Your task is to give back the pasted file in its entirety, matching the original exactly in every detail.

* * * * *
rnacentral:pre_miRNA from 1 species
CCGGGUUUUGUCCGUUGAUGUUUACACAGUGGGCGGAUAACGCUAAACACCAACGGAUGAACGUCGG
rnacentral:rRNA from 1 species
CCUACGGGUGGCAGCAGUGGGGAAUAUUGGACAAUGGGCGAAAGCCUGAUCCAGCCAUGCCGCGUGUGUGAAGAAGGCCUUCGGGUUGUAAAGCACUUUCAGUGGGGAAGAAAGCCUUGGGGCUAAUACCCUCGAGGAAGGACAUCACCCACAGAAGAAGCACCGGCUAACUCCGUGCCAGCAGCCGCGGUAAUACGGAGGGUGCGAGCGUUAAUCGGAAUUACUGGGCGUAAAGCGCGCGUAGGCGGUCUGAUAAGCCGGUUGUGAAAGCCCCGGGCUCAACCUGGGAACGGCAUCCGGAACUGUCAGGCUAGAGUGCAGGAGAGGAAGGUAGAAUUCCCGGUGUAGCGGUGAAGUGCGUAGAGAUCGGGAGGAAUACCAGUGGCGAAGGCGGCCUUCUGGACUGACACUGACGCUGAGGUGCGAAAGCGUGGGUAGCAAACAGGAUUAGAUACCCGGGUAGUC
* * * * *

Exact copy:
rnacentral:pre_miRNA from 1 species
CCGGGUUUUGUCCGUUGAUGUUUACACAGUGGGCGGAUAACGCUAAACACCAACGGAUGAACGUCGG
rnacentral:rRNA from 1 species
CCUACGGGUGGCAGCAGUGGGGAAUAUUGGACAAUGGGCGAAAGCCUGAUCCAGCCAUGCCGCGUGUGUGAAGAAGGCCUUCGGGUUGUAAAGCACUUUCAGUGGGGAAGAAAGCCUUGGGGCUAAUACCCUCGAGGAAGGACAUCACCCACAGAAGAAGCACCGGCUAACUCCGUGCCAGCAGCCGCGGUAAUACGGAGGGUGCGAGCGUUAAUCGGAAUUACUGGGCGUAAAGCGCGCGUAGGCGGUCUGAUAAGCCGGUUGUGAAAGCCCCGGGCUCAACCUGGGAACGGCAUCCGGAACUGUCAGGCUAGAGUGCAGGAGAGGAAGGUAGAAUUCCCGGUGUAGCGGUGAAGUGCGUAGAGAUCGGGAGGAAUACCAGUGGCGAAGGCGGCCUUCUGGACUGACACUGACGCUGAGGUGCGAAAGCGUGGGUAGCAAACAGGAUUAGAUACCCGGGUAGUC